Don’t be afraid to adapt your plans

Go back and look over your business plan for this year – I’m sure in the beginning, a lot of you have drawn up robust plans for growth, investment, brand building, push channels and so on.

Given the current environment with reduced consumption and low market growth, you may want to readjust your business plan with a very close eye.

There’s also no better time to focus on making your company leaner and meaner in terms of operation and efficiency. Explore methods to become more efficient in the way you do business. With in-person meetings and travel taken out of the equation, you may find that doing business has become more streamlined.

Consider looking to online leads for your business – even selling cars in China employs a lot of online methods. These will help in the long run too to cut down on operational costs.

Communicate your game plan to your shareholders

In times like this, as a CEO or an executive of the company, you need to take charge as a leader, and provide confidence and transparency to the stakeholders, employees and partners. Your actions must show that you are on top of things – ready to jump in when needed and communicating pain points of the business carefully, and clearly.

The worst thing is to be uncommunicative and leave your people in the dark and worried. This leads to a lack of trust and confidence in the company among your partners, shareholders and team, and it can really drive a business into the ground.

Being truthful and honest is absolutely critical with your investors. If you don't articulate the problem clearly, they will not be able to know how they can help.

Consider looking to online leads for your business – even selling cars in China employs a lot of online methods. These will help in the long run too to cut down on operational costs.

But you must know the solutions you need, and your business plan, before you take the problem to them. As the business operator, they will rely on you to problem-solve and come up with a solution that's practical so they can help you.

It is in their interests to help, and I think they will definitely do their best and offer resources. So good communication is paramount with your key investors - ask for their feedback and assistance, but you need to have a game plan first.

Know What You’re Walking Into

Depending on how stressed your business is, there are various levels of financing you can look at. Some of these channels are quite expensive, and quite burdensome.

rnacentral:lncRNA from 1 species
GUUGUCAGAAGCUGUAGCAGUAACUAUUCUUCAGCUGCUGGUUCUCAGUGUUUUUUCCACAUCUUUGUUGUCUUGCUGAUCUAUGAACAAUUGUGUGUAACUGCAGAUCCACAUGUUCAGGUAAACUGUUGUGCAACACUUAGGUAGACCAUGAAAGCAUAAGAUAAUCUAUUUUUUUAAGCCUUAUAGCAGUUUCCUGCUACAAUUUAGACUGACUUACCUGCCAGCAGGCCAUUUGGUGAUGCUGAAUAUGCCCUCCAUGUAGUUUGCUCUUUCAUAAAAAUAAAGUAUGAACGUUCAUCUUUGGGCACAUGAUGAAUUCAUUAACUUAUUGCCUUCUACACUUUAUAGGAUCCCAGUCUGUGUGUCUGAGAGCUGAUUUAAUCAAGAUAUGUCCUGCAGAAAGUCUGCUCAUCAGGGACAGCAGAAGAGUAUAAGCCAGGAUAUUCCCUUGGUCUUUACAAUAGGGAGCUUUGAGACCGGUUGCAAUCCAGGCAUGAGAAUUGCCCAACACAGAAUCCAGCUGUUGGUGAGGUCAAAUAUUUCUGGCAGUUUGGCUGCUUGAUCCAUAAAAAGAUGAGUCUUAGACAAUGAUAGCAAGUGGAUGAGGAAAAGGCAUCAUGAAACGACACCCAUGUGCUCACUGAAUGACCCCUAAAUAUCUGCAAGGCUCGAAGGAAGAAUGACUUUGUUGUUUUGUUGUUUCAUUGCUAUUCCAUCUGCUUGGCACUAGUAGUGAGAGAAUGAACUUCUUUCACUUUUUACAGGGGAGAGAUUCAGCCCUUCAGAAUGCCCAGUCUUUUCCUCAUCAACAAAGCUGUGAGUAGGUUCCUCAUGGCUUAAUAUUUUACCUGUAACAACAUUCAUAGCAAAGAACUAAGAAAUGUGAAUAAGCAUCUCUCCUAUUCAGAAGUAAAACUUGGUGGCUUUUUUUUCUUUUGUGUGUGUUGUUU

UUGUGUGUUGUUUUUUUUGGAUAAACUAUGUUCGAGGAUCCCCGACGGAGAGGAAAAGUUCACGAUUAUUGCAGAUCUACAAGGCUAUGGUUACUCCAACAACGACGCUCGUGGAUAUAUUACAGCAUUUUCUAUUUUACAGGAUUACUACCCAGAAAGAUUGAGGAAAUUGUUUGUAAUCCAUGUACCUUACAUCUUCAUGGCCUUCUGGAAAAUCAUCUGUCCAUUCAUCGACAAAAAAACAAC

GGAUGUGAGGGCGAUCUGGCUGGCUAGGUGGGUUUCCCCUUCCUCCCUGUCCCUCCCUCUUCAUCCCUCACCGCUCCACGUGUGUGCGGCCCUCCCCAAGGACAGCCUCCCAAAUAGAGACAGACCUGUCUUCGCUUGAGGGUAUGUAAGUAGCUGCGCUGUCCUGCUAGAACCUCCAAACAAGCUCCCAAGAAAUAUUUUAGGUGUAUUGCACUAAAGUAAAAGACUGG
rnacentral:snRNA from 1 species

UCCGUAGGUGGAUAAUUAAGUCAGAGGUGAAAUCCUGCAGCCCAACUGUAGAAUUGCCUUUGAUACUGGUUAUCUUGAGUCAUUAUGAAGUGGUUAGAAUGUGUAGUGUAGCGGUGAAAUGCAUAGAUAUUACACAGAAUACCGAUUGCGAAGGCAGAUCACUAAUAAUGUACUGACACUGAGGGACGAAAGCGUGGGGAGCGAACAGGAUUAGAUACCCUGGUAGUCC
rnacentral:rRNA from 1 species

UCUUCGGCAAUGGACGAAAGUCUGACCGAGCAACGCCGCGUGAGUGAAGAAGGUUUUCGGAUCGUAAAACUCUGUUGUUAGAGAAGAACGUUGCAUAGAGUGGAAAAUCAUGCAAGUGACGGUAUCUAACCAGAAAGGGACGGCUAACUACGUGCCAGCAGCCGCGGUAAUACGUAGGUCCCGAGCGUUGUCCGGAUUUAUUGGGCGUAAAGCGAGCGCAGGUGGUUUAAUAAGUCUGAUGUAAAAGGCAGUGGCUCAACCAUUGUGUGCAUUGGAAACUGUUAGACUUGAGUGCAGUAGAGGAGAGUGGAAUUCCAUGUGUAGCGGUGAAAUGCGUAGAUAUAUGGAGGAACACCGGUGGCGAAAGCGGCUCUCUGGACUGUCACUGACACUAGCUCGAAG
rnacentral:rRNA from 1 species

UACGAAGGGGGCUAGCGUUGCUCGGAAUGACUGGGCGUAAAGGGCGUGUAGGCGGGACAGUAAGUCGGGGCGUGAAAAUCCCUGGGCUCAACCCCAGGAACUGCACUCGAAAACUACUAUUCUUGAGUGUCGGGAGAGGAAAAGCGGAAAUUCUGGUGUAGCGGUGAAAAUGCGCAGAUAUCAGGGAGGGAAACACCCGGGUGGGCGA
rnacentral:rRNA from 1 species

Look to the normal channels first – any of the channels that are still able to support you, like a bank line, and make sure they can be still used. While your governments may make sure that the banks do not pull the lines arbitrarily, you need to find these out.

For other non-traditional funding channels, your government could have assistance you can request, like reducing your tax burden or social welfare payment burdens.

Keep in mind that if you do take up any financing, have an accurate understanding of what you're walking into, and be very careful. Many such channels may carry exploding cost escalations and some of these also have implications for company control.

Take up short-term financing like venture debt if it’s available, and your balance sheet is really stressed. Otherwise, I’d try to avoid some of these instruments, unless it's absolutely necessary.

Build Your User Base with Goodwill

With the switch to remote working and social distancing, there is greater reliance on services and platforms that connect us to experiences and communications. For companies that are well capitalized, this is a great time to grow, provide a good experience for your users and grab market share. But of course, you need to understand the life cycle of your company and where it is at before you decide on what path to take; this is also cost to your business and you may not have the capital to acquire aggressive growth.

In general, I would advise against making money or monetising your services in this environment unless it is for survival. Now, building a great story and broadcasting your messages is more important.

On the Speaker

Brian Gu (顾宏地), is the vice chairman and president of XPENG Motors, also known as Xiaopeng Motors, a Chinese electric vehicle company and a GGV portfolio company. The company designs and manufactures what it calls “Internet cars” which has AI technology integrated into the vehicles.

Prior to joining XPENG Motors in March 2018, Brian was the Chairman of Asia Pacific Investment Banking at J.P. Morgan. He holds an MBA from Yale University, a Ph.D. in Biochemistry from the University of Washington Medical School and a bachelor’s degree in Chemistry from the University of Oregon. At XPENG, Brian leads the company’s global strategy, finance, fundraising, investments and international partnerships.

Fresh insights delivered to your inbox.

I would like to receive news and updates from GGV.